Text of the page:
An Oregon employee was discharged right after asking for leave under the Family and Medical Leave Act (FMLA) and scheduling her surgery. In addition, she was one of five employees in comparable positions and the only one who was over the age of 40. She sued for both age discrimination and violation of her FMLA rights.
What happened. “Stevenson” was an executive administrative assistant for David Evans and Associates in its Portland office from late November 2005 to early February 2009. The firm is a nationwide provider of commercial architecture and engineering services.
She later testified in court that she provided satisfactory or better work throughout her tenure, as evidenced by consistently good performance reviews. She also noted that when she was terminated, she was the eldest of five executive administrative assistants, the other four of whom were retained. Finally, she alleged, she had requested FMLA leave for a serious illness, for which she was eligible under both federal and Oregon state laws. However, she said, she was terminated immediately after scheduling surgery for her condition.
Believing that both her age and her request for leave were factors in her discharge, she sued. In a federal district court, the judge first asked her to amend her case, which she did. But the judge then dismissed it anyway, based on Stevenson’s alleged failure to satisfy a particular Federal Rule of Civil Procedure. It says that a legal claim must be supported by “a short and plain statement of the claim showing that the pleader [plaintiff] is entitled to relief.” Furthermore, it must contain “more than labels and conclusions” or a “formulaic recitation of the elements of a cause of action.”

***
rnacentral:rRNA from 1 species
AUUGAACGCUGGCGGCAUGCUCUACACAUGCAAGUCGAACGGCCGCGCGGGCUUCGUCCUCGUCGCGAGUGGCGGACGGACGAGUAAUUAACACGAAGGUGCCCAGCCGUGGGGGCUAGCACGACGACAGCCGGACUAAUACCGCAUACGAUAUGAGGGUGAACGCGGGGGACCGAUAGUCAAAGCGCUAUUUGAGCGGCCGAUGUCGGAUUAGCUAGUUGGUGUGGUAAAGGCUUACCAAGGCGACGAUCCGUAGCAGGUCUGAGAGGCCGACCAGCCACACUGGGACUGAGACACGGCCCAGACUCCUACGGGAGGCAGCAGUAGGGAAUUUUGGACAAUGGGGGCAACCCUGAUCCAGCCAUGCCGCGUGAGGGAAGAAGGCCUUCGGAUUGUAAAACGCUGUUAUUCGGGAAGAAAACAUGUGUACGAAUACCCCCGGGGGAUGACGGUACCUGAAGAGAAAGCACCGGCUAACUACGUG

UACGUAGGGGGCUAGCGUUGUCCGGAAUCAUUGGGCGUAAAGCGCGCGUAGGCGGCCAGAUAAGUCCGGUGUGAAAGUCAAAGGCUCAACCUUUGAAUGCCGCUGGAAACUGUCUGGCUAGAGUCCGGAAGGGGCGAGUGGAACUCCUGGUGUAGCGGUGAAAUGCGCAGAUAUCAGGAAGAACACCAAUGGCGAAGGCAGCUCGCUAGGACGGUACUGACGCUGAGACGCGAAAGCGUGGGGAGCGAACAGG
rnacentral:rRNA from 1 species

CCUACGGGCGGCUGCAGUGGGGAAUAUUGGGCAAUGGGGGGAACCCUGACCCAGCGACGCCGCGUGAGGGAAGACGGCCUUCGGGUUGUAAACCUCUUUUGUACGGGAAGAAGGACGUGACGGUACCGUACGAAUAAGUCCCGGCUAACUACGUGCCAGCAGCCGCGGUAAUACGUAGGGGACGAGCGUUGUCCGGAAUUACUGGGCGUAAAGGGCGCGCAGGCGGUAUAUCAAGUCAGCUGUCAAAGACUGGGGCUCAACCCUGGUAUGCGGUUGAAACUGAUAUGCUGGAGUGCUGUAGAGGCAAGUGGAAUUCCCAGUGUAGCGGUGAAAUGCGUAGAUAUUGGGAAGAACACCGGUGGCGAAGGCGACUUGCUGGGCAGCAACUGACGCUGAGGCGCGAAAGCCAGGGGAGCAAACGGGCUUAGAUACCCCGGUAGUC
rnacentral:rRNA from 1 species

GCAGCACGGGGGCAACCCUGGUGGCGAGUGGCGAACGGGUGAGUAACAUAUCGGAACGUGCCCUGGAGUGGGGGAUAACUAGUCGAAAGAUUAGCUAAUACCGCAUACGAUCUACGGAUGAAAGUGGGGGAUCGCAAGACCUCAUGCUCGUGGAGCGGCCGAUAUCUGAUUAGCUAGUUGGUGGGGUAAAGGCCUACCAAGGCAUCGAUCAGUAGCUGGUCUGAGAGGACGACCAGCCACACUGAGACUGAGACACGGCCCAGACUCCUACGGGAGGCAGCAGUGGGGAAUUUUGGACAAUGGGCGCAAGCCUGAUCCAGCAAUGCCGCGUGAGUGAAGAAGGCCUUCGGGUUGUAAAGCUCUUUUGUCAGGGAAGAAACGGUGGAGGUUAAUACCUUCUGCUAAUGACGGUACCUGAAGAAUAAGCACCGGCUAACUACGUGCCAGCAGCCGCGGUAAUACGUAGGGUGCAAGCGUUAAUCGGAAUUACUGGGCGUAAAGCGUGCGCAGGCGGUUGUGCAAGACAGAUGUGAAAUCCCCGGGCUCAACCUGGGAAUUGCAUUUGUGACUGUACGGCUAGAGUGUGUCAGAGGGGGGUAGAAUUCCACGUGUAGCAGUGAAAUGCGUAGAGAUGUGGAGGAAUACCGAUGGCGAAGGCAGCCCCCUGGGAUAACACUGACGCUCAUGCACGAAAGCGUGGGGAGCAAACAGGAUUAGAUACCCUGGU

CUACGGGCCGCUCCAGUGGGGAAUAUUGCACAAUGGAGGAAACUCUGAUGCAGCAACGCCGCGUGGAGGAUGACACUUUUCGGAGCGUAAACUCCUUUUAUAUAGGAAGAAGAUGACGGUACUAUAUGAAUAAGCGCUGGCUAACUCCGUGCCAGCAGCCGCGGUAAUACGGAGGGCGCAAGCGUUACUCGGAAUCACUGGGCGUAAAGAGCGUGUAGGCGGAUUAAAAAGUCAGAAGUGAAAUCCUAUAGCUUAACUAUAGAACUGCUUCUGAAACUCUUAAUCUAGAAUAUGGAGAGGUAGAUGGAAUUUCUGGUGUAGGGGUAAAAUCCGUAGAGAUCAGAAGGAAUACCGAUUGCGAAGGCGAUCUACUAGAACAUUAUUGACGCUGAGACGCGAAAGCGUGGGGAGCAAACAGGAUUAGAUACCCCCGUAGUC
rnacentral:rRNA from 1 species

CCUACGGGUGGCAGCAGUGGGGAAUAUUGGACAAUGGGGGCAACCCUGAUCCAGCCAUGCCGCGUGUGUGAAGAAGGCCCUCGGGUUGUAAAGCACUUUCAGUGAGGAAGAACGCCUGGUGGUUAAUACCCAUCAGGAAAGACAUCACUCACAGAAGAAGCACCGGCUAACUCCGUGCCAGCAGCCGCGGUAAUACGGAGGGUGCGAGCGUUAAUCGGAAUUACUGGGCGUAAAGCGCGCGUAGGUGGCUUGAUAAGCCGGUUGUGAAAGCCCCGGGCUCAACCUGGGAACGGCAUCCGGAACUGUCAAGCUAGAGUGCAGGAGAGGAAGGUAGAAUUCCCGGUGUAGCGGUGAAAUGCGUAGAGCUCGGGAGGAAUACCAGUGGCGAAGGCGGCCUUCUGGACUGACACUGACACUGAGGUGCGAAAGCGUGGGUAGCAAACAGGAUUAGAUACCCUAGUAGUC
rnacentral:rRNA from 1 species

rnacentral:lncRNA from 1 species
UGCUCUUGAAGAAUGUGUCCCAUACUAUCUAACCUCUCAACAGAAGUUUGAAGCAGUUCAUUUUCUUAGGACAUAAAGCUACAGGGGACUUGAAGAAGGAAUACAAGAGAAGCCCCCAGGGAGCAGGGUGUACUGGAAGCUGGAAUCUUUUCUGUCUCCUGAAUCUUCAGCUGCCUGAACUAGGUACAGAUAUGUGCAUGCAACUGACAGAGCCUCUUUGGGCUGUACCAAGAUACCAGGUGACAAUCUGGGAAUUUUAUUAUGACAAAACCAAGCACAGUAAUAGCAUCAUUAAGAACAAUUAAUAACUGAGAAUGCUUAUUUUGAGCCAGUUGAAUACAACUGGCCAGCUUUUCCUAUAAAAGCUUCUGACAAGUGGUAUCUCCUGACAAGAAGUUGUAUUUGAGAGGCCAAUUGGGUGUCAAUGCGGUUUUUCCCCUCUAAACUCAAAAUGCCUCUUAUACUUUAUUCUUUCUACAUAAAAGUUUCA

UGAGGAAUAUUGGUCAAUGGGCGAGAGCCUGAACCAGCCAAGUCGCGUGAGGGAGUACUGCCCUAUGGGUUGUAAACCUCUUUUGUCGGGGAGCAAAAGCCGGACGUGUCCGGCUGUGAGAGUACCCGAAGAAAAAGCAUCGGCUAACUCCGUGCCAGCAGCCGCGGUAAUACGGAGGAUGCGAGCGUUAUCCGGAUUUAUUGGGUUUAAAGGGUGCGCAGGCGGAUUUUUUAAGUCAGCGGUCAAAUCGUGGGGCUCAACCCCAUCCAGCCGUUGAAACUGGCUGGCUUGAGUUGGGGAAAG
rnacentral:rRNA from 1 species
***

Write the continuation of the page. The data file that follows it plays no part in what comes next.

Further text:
But the judge concluded that Stevenson had still not met these requirements. She appealed to the 9th Circuit, which covers Alaska, Arizona, California, Hawaii, Idaho, Montana, Nevada, Oregon, and Washington.
What the court said. Appellate judges found the district judge’s rulings puzzling. They saw plausible claims of age discrimination and wrongful discharge for exercising her right to the FMLA. So the case went back to the district court, where either the judge or a jury will rule on it. Sheppard v. David Evans and Associates, U.S. Court of Appeals for the 9th Circuit, No. 11-35164 (9/12/2012).
Point to remember: This federal rule, number 8(a)(2), does require that a claim be “plausible on its face,” but it does not require “detailed factual allegations.” Judges said the plaintiff’s 21/2-page complaint sufficed.